Bioplastics, a sustainable solution?

Klazinga, Renee (2009) Bioplastics, a sustainable solution?

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Abstract:Sustainability is a broad topic with the focus on three pillars: economics, social and environmental. A packaging is just a small part of sustainability but this does not mean that it cannot contribute to sustainability. A packaging can contribute to sustainability by working on the three packaging R’s; by reducing, reusing or recycling the materials needed for a packaging. An addition to those three ‘R’s’ could be replacing, the replacement of current materials by a more sustainable material. Bioplastics could be used as a substitute for the current packaging materials Bioplastics are a relatively new and upcoming market. The potentials are high and there are already some packaging on the market that are made of these plastics. Bioplastics are plastic that are made from renewable resources (biobased) such as corn or plastics that are biodegradable. They could also be both of them, biobased and biodegradable. There are four different type of bioplastics on the market: ‐ Polymers directly extracted from biomass ‐ Polymers produced by biological derived monomers ‐ Polymers produced by microorganism ‐ Plastics produced by classical synthesis from synthetic monomers These types have their own properties and therefore also their own strengths and weakness. Most of the bioplastics have poor moisture barrier properties while the oxygen barrier is relatively high. Leaf BV is a confectionary company interested in bioplastic. Their packaging mostly consists of filmflexibles and rigids. Several bioplastics have been tested on environmental impact, shelf life, look & feel, process ability and costs and the results have been compared to their conventional materials. Bioplastics have less impact on climate change and fossil resources while they have more impact others such as eutrophication, ozone layer depletion and land use. The total impact (weighed with the eco indicator 9 weighing set) of bioplastics is higher than the total impact of conventional plastics. Most of the bioplastics are not able to maintain the shelf life of the products as good as their conventional plastics because of the low moisture barrier properties. The look & feel of the bioplastics are different from the conventional plastics but it cannot be said that this will have a negative effect. The process ability of bioplastics is difficult. The costs of conventional plastics also seem to be higher that the costs of conventional plastics but there are biodegradable plastics on the market that costs around the same as conventional plastics. These biodegradable plastics have been ‘made’ biodegradable through the addition of a particular additive. Bioplastic do not seem to be suitable as replacemet of their current transwrap material but there are other options where bioplastics could be suitable. The market potentials are high and the change that big companies will start to push suppliers to pack environmental friendly will make these options attractive. The options are plastics that are biobased and biodegradable, biobased and biodegradable (secondary packaging and components), partly biobased; not biodegradable, biodegradable; not biobased, and biodegradable and partly biobased.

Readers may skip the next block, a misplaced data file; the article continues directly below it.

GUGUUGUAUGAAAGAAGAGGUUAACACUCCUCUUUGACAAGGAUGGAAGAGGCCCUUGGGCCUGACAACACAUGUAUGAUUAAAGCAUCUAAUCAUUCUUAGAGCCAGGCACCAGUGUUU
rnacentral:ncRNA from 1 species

Item Type:Essay (Bachelor)
Clients:
Leaf BV
Faculty:ET: Engineering Technology
Subject:51 materials science
Programme:Industrial Design BSc (56955)
Link to this item:http://purl.utwente.nl/essays/60929
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